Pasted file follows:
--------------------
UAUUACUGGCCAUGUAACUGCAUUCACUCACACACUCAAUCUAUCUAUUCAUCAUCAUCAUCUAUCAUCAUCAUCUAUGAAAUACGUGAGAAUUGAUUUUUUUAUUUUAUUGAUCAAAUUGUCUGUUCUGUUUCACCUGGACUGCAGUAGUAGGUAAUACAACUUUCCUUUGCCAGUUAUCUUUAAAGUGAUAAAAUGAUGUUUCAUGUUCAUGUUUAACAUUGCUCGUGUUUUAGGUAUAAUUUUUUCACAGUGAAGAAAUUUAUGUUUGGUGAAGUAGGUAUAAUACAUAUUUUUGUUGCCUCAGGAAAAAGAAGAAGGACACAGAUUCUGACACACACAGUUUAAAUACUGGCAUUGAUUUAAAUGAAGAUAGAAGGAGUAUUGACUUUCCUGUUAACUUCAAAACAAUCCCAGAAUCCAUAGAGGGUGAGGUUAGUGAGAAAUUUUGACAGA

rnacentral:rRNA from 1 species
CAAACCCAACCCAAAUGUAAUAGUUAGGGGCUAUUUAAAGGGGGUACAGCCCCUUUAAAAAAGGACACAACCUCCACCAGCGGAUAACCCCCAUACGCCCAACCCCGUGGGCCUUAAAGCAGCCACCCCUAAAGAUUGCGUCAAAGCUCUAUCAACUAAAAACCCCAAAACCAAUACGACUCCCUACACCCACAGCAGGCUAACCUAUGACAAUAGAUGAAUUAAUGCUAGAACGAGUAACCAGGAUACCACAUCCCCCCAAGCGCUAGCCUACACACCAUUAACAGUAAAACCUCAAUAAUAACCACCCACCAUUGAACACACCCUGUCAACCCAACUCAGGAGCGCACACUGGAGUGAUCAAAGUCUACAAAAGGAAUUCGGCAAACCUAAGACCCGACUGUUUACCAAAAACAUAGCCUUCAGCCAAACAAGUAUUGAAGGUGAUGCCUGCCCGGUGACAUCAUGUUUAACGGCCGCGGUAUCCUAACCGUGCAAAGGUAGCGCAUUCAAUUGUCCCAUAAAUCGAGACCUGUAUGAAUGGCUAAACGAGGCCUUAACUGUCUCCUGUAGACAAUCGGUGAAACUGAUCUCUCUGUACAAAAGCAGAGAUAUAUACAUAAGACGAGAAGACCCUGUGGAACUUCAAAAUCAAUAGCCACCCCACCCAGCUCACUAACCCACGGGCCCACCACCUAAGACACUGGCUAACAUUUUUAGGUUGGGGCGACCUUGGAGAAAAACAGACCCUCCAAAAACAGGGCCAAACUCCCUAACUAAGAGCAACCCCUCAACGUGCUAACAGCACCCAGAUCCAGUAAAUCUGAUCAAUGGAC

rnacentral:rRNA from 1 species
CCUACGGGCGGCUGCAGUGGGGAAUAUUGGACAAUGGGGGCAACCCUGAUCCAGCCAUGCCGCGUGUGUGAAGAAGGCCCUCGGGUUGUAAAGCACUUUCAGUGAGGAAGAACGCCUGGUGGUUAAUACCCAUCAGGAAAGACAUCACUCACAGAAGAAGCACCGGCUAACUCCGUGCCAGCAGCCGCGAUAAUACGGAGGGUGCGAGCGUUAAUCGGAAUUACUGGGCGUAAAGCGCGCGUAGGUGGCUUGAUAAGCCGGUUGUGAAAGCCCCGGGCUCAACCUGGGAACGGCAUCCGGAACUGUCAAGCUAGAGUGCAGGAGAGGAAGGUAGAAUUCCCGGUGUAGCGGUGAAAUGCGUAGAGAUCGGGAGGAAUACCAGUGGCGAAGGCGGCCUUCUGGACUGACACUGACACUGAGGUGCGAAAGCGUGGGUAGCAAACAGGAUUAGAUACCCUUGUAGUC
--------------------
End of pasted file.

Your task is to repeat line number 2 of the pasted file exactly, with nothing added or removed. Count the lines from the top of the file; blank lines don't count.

rnacentral:rRNA from 1 species